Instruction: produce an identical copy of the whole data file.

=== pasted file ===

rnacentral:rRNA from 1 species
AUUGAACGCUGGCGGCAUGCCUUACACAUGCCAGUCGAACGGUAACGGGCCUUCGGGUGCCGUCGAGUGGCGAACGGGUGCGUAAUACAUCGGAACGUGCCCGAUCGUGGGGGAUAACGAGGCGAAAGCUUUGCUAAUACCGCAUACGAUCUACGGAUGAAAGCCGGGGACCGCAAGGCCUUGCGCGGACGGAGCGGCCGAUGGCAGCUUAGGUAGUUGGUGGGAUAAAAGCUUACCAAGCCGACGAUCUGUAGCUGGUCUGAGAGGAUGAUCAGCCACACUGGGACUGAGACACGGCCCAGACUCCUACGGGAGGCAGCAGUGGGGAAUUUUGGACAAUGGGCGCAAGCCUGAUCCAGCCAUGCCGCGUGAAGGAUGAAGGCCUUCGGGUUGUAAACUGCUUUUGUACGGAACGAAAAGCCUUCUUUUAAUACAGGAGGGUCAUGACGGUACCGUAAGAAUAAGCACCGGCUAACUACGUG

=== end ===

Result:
rnacentral:rRNA from 1 species
AUUGAACGCUGGCGGCAUGCCUUACACAUGCCAGUCGAACGGUAACGGGCCUUCGGGUGCCGUCGAGUGGCGAACGGGUGCGUAAUACAUCGGAACGUGCCCGAUCGUGGGGGAUAACGAGGCGAAAGCUUUGCUAAUACCGCAUACGAUCUACGGAUGAAAGCCGGGGACCGCAAGGCCUUGCGCGGACGGAGCGGCCGAUGGCAGCUUAGGUAGUUGGUGGGAUAAAAGCUUACCAAGCCGACGAUCUGUAGCUGGUCUGAGAGGAUGAUCAGCCACACUGGGACUGAGACACGGCCCAGACUCCUACGGGAGGCAGCAGUGGGGAAUUUUGGACAAUGGGCGCAAGCCUGAUCCAGCCAUGCCGCGUGAAGGAUGAAGGCCUUCGGGUUGUAAACUGCUUUUGUACGGAACGAAAAGCCUUCUUUUAAUACAGGAGGGUCAUGACGGUACCGUAAGAAUAAGCACCGGCUAACUACGUG